A physical threshold announces a passageway between two different external spaces.  A nonphysical threshold announces a passageway between our external life and our inner life.  The threshold ‘announces’ these only; we have to choose — we do choose — whether to cross the threshold or not.  The threshold also provides us an opportunity to ‘pause’ and ‘reflect’ before we decide to cross over or to withdraw.  In literature the term threshold experience indicates a significant crossing over not just any crossing over.  A threshold experience involves a search for clarification of one’s essential beliefs, core values, guiding life principles, life-choices and life-markers.

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My Carpal Tunnel is acting up….No Posting Today.

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This morning I am sad.  I am sad for the families and friends of those who were killed in Boston this week; I am sad for the families and friends and for those who were wounded and maimed.  I am sad for the two young men who perpetrated the killing and wounding.  I am sad for their families and friends.  What is ‘man’ that we can move from the light to the darkness?  What is man that we can move from choosing good to choosing evil?

Taken in the abstract, ‘man’ is a being possessed of self-aware reason and the power to act from love and duty, a being ordained to be steward of the earth, a free and conscious servant of the Source [God, Allah, The Great Spirit, etc] of all things.  Taken as such, our human existence can be understood not only as part of the all-encompassing greatness of Creation, but as its crown jewel.  Ah, but ‘man’ in the concrete — man as he actually is, how we actually are; this ‘man’ at times [for me, times like this] passes beyond all possible comprehension.  Human evil cannot be contained in the same mind that contemplates the beauty and order of the universe.  The contradiction seems too extreme.  Yet it does exist as potential and, as we are learning about two young men, as a reality.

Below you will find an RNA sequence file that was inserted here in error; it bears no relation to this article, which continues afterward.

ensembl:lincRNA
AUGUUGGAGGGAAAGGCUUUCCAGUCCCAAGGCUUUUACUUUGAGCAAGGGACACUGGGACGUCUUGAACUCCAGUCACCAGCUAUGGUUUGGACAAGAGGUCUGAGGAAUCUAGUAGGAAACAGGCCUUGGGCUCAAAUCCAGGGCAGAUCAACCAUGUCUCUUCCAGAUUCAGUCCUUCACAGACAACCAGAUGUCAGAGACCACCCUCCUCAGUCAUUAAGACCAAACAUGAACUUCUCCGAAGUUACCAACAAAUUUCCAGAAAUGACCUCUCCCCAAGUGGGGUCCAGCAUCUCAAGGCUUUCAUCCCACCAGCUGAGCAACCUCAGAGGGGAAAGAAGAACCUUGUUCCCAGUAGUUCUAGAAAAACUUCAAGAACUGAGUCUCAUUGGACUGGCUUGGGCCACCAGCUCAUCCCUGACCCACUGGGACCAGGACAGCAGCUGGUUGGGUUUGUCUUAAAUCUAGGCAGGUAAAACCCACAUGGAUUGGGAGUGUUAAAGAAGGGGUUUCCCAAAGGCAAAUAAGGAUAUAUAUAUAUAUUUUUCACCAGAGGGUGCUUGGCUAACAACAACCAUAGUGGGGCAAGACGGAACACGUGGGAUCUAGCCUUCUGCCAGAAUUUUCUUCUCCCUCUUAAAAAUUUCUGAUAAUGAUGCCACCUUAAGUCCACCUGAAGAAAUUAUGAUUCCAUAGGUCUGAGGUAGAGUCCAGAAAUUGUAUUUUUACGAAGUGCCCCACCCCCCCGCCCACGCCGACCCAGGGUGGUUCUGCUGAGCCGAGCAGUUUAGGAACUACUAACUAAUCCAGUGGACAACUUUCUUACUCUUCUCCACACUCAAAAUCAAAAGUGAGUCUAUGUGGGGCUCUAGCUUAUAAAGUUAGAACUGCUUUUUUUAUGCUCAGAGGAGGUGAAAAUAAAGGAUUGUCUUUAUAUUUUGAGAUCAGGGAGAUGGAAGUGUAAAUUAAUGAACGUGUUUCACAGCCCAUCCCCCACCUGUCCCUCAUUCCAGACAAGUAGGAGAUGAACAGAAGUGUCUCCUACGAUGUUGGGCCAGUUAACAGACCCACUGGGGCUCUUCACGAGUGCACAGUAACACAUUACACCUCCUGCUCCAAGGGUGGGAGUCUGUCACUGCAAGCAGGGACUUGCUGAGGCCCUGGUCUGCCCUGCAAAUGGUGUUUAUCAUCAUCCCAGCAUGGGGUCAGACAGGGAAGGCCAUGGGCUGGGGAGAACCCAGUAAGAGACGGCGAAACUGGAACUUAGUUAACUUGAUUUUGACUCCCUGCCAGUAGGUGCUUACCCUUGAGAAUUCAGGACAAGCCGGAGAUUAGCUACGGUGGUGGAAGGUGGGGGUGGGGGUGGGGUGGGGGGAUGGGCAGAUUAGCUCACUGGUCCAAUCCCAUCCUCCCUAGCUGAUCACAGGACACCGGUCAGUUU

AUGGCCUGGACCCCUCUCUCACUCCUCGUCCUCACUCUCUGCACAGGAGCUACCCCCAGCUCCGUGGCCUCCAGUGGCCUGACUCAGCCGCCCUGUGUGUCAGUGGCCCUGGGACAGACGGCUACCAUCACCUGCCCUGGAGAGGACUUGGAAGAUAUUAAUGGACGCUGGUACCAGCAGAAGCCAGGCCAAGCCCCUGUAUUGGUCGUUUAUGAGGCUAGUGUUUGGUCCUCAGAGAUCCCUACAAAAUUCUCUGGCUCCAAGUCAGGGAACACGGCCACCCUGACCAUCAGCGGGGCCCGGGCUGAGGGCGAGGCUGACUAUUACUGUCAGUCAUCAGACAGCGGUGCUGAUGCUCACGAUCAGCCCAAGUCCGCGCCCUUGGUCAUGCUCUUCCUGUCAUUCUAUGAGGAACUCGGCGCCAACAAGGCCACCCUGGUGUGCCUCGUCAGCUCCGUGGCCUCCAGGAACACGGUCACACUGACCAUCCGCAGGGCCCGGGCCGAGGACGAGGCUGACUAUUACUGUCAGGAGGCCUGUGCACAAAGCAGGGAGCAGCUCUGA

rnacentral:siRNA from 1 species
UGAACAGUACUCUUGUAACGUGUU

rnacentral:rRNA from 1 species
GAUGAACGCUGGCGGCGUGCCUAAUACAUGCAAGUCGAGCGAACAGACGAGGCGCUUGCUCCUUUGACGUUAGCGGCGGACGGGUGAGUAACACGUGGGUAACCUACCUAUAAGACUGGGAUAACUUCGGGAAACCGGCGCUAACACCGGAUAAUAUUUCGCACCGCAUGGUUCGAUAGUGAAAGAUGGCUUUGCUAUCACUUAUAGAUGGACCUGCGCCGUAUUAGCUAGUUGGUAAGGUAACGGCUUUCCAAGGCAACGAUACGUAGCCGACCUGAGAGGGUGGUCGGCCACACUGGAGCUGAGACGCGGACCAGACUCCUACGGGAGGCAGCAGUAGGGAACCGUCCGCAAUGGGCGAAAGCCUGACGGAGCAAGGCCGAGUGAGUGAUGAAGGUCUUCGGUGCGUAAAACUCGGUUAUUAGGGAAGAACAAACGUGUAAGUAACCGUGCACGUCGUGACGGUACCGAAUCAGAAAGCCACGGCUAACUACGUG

I cannot begin to count how many times during these past 49 years I have thought about and spoke about the ‘paradox of evil’ [good and evil, light and darkness, virtue and vice, or the sacred and the profane].  I don’t see evil as a problem to be solved. I do, at times, see it as a dilemma (that is, we have to choose between ‘good and evil’) and I do see it as part of a paradox (the paradox that as healthy human beings we are potentially both good and evil).  Periodically, evil runs amok among us.  At these times I think of the collective ‘mankind’ and our ability for collective cruelty.

My thinking is triggered by glimpses or fragments or events like Boston.  I move from the particular to the general; I remember the intentional destruction of millions of human lives in the service of the insane ideas or ‘noble’ purposes.  Ideas and purposes that conceal the greed for power, massive resentment, the false honoring of the ‘self,’ the false collective identity for the illusion that ‘we are right and you, if you are not with us, are evil.  I recall film footage of walking human skeletons being herded into camps and into gas chambers.  I recall a statistic dropping from a book into my mind and down into my heart and down further into my bones — a report of numbers, of many, many numbers a report of  thousands and hundreds of thousands, of millions and of tens of millions: Armenians, Rwandans, Slavs, Jews, American Indians, Chinese, Japanese, and Slaves.  I can hear them choke and cry; I can hear them beg and pray. I
can feel their pain and disbelief.  Today I hear their ghosts calling to me across the ages and I cry and I am in pain and I am in disbelief.

I pause.  What, then, of the greatness and the good?  What of the sunlit heights of human love, compassion, forgiveness, wisdom, beauty and intelligence?  What of the millions upon millions of small acts and small sacrifices that have occurred and continue to occur everywhere?  What of the greater acts of love and compassion and caring that emerge at the same time that evil is being perpetrated [as these smaller and greater acts manifested themselves in Boston and Texas this week]?  All of these acts remind me of the hope of ‘man.’  All of these acts remind me of the sacredness of ‘man.’  All of these acts remind me of the Divine within each of us.  All of us no matter our faith-tradition or humanistic-tradition and all of us no matter our ethnicity, nationality, race or culture demonstrate in so many ways each and every day that ‘man’ is also capable of being  the ‘good.’

How can we help one another choose to be good so that what happened to the two young men in Boston will not happen to two other young people who might be struggling with their own potential for good and for evil?  The potential for evil in the world and in ourselves makes a specific demand upon us — a demand not only to do whatever we can, but to be able to do, to be what we are meant to be.